Quebec shows its patriotism every year on June 24, one week before Canada Day—not because the French-speaking province gets a head start on the rest of the country, but because June 24 is the feast day of Jean Baptiste, the patron saint of Quebec.

By no means has the holiday become void of religious significance. (See my article “Canada: The Catholic Factor” in the November 1998 issue of Catholic World Report.) But it is now more synonymous with Quebec nationalism than with the saint himself. Thus, the holiday is often referred to as La Fête Nationale.

While the other nine provinces celebrate Canada Day on July 1, the anniversary of the country’s attainment of the status of a dominion within the British Empire in 1867, even many in Quebec who favor remaining part of Canada take more pride in St. Jean Baptiste Day.

In characteristic denial, the Canadian media reported that politics played no part in this year’s celebration. “More Fun, Less Politicking,” read the June 25 headline of the Montreal Gazette, Quebec’s only English-language daily. It was reminiscent of the Toronto Globe & Mail headline on July 22, 1994: “Separatism not an issue, poll finds.” Two months later, the separatists were victorious in the provincial elections, and the next year, Canada dodged a bullet when a bare 50.6 percent majority in Quebec defeated the last sovereignty referendum.

Given the history of St. Jean Baptiste Day, the gloating by the media was understandable. The parade in Montreal was held on the eve of the feast day. The last time Montreal had held its parade at night was in 1968, when militant separatists hurled bottles at Pierre Trudeau, the charismatic French Canadian who had just become prime minister of Canada. Thanks largely to the political mileage Trudeau got out of this incident, he would remain prime minister for most of the following 16 years.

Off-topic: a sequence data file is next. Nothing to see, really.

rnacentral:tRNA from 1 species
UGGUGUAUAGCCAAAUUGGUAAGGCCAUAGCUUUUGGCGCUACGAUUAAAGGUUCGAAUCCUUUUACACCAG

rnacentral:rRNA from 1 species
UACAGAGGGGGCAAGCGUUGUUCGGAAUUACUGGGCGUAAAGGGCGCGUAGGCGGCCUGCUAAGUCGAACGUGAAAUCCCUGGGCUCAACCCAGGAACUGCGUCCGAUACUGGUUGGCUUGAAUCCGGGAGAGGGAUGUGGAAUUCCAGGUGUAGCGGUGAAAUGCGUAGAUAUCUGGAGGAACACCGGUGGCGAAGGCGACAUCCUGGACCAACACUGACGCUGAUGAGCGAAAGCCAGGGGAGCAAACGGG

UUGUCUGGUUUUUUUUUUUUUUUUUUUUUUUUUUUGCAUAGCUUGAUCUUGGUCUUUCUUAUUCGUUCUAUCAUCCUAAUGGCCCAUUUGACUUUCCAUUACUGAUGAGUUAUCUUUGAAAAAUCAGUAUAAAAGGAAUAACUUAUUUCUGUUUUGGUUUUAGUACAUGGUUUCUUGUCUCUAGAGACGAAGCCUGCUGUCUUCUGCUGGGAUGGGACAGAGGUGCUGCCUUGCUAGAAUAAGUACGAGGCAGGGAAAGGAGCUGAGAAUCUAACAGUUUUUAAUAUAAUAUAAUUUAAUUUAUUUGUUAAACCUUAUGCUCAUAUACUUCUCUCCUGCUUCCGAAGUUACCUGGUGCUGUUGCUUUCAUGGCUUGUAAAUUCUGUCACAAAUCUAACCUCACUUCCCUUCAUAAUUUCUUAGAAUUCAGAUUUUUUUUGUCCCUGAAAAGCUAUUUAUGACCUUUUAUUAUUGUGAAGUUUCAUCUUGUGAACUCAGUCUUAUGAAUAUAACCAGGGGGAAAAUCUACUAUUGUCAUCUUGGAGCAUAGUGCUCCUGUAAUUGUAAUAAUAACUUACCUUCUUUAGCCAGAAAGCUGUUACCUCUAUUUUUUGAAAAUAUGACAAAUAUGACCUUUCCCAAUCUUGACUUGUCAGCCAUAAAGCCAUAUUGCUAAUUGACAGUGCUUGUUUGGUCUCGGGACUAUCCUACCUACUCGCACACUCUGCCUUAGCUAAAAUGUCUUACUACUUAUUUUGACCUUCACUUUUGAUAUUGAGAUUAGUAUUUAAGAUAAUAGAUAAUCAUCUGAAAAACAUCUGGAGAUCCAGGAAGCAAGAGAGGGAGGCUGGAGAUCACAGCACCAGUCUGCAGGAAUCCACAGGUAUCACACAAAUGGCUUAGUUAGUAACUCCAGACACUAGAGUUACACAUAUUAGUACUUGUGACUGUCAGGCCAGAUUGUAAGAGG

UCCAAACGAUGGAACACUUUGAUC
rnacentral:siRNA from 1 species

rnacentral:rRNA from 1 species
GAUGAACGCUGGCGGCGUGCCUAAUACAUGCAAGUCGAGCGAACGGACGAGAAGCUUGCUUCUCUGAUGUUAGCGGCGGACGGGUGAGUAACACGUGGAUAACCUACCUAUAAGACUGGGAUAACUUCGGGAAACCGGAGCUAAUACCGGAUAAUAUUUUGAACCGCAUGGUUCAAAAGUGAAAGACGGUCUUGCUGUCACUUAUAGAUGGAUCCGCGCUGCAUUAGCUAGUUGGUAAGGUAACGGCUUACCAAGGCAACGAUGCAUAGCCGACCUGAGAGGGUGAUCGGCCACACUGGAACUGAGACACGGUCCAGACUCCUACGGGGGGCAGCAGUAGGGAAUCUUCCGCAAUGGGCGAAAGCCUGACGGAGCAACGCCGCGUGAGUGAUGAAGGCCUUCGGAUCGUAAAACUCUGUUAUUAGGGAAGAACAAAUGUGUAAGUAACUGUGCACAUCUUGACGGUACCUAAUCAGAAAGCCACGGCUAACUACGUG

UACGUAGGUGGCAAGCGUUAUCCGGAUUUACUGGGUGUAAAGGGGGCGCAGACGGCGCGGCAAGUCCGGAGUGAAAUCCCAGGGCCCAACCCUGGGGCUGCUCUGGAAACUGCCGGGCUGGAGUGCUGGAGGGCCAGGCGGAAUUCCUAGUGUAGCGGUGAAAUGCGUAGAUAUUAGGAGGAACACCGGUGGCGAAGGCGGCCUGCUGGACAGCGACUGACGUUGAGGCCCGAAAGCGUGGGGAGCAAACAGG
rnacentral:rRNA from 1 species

After 1968, Montreal canceled its parade but revived it in 1990. As political fate would have it, die parade that year came two days after the collapse of the Meech Lake Accord, which would have extended to Quebec the status of a distinct society.

Taking the collapse of Meech Lake as an affront to Quebec, separatists took to the streets in droves for the parade that year. Support for sovereignty became so strong that a referendum would have been held had Liberal Premier Robert Bourassa been a separatist (not that Bourassa was insensitive to Quebec nationalism).

And while, in recent years, there has been no incident comparable to 1968 in Montreal’s parade, violence and mass arrests were the norm until this year. The rioting in Quebec City was especially bad in 1996. And Montreal had a particularly tense parade in 1998, when English-rights activist William Johnson was hit with a pie in the face.

Johnson boycotted this year’s parade. And the politicians who watched the parade from the platform, as Trudeau did in 1968, were separatist Premier Lucien Bouchard (head of the Parti Quebecois) and provincial Liberal opposition leader Jean Charest (a federalist who advocates conciliation with separatists). So there was no one for the separatists to attack.